First I reported turmoil inside NBC’s fall scripted shows like Kath & Kim and My Own Worst Enemy and predicted that its prime time is gonna stink up the joint this fall. Now there’s trouble inside CBS’s prime-time sked. The Ex List’s creator/showrunner, Diane Ruggiero, exited, and executive producer Rick Eid took over running the show. Uh, doesn’t anyone realize that the new 2008-2009 TV season starts in a few weeks?

Here’s why I know the networks are preparing for the worst: because bosses like CBS’s Les Moonves and NBC Universal’s Jeff Zucker keep telling business reporters that their companies are “so much more” than just prime time.

CBS’s prospects look better than NBC’s but far from great, with the exception of The Mentalist. And a lot of the old shows are growing mold. I think the entertainment team there, Nina Tassler and Nancy Tellem, are past their expiration date.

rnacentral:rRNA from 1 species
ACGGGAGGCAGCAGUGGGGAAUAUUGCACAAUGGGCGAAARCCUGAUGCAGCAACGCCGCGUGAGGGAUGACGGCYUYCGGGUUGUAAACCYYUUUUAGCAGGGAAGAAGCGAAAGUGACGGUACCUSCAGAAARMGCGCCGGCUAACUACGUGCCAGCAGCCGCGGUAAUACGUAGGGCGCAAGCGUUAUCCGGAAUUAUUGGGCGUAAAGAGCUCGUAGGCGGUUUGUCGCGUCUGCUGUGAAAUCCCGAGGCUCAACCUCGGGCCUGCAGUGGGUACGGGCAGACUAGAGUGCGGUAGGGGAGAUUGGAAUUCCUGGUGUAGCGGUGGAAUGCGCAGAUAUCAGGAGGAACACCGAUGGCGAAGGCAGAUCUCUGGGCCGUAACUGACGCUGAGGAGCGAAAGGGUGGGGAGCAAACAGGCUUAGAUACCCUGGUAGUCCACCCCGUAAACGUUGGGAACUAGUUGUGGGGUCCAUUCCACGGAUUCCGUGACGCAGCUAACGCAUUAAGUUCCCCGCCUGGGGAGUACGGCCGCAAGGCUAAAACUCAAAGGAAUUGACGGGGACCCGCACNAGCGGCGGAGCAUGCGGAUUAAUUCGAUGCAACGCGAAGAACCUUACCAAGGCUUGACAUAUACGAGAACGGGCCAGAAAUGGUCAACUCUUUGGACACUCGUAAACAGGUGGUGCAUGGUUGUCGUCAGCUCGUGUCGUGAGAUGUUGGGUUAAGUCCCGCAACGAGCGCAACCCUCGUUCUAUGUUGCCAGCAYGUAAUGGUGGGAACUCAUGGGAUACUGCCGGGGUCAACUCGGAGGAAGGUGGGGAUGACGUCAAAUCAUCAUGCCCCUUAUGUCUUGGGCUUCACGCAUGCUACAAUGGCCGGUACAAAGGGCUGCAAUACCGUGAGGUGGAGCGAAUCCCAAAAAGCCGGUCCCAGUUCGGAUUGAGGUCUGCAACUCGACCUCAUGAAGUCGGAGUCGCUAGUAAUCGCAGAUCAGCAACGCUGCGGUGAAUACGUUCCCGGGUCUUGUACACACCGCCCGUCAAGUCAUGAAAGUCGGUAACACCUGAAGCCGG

At troubled stepsister the CW, other media inexplicably haven’t fussed over the dramatic falloff of 90210’s follow-up to its Tori Spelling–less opener — but I will. When 90210 can’t beat in its second original airing what the old WB’s Gilmore Girls got in its reruns, it’s time for Moonves to fire UPN-turned-CW boss Dawn Ostroff.

And let’s not forget Peter Liguori’s Fox: Numbers for the debut of the second season of Terminator: The Sarah Connor Chronicles were lousy. And the network’s sitcoms got off to a slow start against no competition. Fringe has generated some decent reviews, but this looks like yet another fall that’s dead air until American Idol starts up its eighth season. And two Fox midseason shows have shut down production for a few weeks because of script problems: Joss Whedon’s Dollhouse and Howard Gordon’s 24.